If your puppy is scooting across the carpet, ground or grass--sit down and pull himself forward while dragging his bottom--you need to learn how to express anal glands. Puppy scooting generally means the pooch's bottom is irritated and that can be caused by tapeworms, diarrhea or even fleas, but most often can be blamed on irritated anal glands.
Anal Gland Functions
Your puppy has two anal glands located beneath the skin on either side of the rectum.
The pea-size glands function like a skunk's scent organs, but thank goodness our pets can’t squirt the stink! Instead, anal glands give pet bathroom deposits sort of an individual smelly fingerprint. Pets sniff each other's bottoms as a way to communicate and "read" these scented name tags to identify each other.
Normal anal glands secrete a liquid or a creamy brownish/yellow substance that’s expressed whenever the puppy has a bowel movement. Glands may also be expressed when the pup is suddenly frightened or stressed and he contracts his anal sphincter—that’s the circular muscle that controls his rectum. You’ll notice a strong odor if this happens.
Most pets don't need anal gland maintenance, but some have overactive glands that cause an odor problem. Other times, soft stools or problems with diarrhea may not supply enough pressure to empty the glands. In addition, some pups just have abnormally small anal gland openings.
An affected puppy may lick the area to relieve the discomfort or scoot.
Small dog breeds like Toy Poodles are affected most often, and unexpressed glands can become clogged or impacted. You’ll know your dog has a problem if the area on one or both sides of the rectum swells. When glands become infected the secretions contain blood or pus.
In severe cases, a painful abscess may develop. The swelling will be red to purple on one or both sides of the rectum.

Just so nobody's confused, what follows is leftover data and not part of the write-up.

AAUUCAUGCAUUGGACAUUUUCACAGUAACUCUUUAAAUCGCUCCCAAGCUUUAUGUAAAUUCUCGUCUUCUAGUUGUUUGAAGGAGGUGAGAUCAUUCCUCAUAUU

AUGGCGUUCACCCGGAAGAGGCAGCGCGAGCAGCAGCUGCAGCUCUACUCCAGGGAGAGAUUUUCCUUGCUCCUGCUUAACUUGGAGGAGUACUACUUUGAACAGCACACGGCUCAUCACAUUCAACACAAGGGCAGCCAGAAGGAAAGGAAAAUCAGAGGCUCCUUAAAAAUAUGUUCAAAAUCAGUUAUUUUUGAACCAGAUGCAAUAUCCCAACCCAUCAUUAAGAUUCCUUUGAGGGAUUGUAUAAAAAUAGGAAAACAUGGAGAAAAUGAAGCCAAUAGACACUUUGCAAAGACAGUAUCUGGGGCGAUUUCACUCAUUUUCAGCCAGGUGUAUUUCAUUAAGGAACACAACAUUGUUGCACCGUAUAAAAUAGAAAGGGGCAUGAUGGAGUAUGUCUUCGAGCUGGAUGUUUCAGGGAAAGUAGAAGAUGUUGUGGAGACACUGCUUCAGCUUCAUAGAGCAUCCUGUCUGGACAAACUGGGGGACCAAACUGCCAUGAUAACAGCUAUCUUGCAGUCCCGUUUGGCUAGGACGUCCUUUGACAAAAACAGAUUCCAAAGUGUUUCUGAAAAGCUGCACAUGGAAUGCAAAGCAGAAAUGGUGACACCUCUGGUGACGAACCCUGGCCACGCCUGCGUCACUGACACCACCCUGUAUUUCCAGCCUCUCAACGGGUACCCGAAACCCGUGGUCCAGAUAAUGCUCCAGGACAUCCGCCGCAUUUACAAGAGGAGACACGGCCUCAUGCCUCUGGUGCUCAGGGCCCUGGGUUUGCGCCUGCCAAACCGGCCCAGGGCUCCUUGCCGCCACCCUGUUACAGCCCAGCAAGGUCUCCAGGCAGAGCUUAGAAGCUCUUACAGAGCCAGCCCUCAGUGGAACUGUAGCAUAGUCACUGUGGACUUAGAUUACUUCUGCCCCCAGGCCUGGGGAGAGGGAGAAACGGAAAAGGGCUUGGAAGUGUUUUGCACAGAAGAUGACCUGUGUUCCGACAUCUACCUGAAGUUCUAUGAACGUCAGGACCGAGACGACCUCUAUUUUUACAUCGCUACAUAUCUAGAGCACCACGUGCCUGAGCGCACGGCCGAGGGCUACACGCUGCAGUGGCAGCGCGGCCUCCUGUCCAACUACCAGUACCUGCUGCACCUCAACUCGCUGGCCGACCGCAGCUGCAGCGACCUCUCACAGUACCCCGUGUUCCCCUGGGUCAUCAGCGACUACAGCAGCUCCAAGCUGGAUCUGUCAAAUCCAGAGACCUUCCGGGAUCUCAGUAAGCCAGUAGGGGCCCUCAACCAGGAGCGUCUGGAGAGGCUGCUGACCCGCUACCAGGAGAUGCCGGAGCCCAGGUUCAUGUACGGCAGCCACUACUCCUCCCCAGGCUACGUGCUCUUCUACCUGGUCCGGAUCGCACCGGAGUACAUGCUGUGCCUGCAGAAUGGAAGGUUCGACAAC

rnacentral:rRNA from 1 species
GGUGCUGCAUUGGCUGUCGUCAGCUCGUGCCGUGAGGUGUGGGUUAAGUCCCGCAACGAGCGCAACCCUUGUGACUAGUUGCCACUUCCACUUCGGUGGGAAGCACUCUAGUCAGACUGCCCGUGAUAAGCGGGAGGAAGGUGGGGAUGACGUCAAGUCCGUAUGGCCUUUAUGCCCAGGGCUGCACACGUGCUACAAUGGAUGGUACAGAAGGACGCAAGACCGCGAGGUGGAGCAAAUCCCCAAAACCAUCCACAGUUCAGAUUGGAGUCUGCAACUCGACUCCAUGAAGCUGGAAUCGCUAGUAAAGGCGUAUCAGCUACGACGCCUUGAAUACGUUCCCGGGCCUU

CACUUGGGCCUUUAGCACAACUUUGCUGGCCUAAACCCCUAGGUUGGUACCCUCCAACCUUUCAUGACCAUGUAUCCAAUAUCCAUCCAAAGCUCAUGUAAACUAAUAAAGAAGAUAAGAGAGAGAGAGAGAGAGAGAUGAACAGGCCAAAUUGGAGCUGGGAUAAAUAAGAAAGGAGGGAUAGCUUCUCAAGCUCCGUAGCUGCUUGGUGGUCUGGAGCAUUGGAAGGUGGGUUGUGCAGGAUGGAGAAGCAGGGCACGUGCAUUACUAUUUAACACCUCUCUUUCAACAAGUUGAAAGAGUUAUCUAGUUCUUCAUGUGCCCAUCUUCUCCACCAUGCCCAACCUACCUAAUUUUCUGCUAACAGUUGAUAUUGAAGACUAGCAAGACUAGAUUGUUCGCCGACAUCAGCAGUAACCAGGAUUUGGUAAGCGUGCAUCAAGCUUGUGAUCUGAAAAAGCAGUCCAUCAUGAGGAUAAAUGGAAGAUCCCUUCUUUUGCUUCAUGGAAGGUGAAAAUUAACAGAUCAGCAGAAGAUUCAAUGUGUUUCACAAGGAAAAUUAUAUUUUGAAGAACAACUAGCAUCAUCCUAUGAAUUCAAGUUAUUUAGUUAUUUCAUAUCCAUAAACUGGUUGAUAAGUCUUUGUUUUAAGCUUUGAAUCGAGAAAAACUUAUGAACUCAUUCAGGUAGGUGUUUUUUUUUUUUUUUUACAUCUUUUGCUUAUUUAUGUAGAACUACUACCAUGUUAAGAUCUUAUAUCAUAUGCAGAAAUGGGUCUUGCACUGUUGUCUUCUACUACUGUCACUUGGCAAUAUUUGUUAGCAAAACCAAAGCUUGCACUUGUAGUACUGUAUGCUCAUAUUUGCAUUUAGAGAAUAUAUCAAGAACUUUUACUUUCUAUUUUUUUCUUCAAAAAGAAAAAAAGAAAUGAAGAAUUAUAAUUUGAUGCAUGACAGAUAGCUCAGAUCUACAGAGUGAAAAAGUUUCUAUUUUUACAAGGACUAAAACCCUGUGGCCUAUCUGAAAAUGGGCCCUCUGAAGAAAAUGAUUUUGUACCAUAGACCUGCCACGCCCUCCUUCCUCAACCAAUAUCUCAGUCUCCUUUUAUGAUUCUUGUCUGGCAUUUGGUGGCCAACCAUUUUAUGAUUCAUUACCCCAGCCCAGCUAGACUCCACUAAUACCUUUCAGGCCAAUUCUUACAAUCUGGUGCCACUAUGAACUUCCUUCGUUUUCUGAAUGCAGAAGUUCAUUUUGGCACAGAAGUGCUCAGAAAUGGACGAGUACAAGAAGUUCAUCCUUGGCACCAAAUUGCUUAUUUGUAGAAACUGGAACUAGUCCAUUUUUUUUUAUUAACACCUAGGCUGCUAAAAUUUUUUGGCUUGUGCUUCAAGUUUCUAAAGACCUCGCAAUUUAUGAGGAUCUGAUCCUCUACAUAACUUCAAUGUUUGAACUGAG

When the glands are infected or become abscessed they'll need veterinary attention. Infected anal glands usually heal without complications, but pups that suffer recurrences of impaction or infection will need the anal glands emptied at least once a week.
How to Express Anal Glands
The treatment requires manual expression of the anal glands. Many puppies object to owners messing with them down there, especially when they are very tender from anal gland distress. It’s best to have your veterinarian perform this service for your pet when anal glands are infected so you don’t accidentally force the matter deeper into the tissue. If you are a hardy soul willing to give it a try for the well-being of your pet, ask for a demonstration before trying this yourself. For those who are NOT faint of heart—or nose—here's how it's done.
- Anal gland secretions stink, and the best place to perform anal gland maintenance is during your puppy’s bath. That way you can wash away any stray stuff that spills onto the fur.
- Wear rubber gloves to protect your hands and reduce the “yuck” factor.
- Stand your puppy in the sink. For outside of the bath, stand small pups on a tabletop or kneel on the floor beside larger puppies.
- You may benefit from an extra pair of hands to steady the dog’s head while you pay attention to the tail. Alternately, attach the leash to the pup’s halter or collar and secure to the faucet or other stationary objects to help limit the pup’s movement.
- Lift your pup's tail and find the glands on each side of the anus at about eight and four o'clock. They'll feel a bit like small marbles beneath the skin.
- Once you’ve located the glands, cover the area with a tissue. This will catch the debris as it’s expressed.
- With your thumb and forefinger on each side of the gland, gently push in and upward and squeeze as you would express a pimple.
- Use the tissue or a damp cloth to wipe away the smelly discharge as the sac empties.
- Offer your puppy a toy or treat to reward him for being such a good dog.
Of course, it’s much better to prevent anal gland problems than treat once they develop. Watch for scooting puppies and get them checked to "nip problems in the butt!"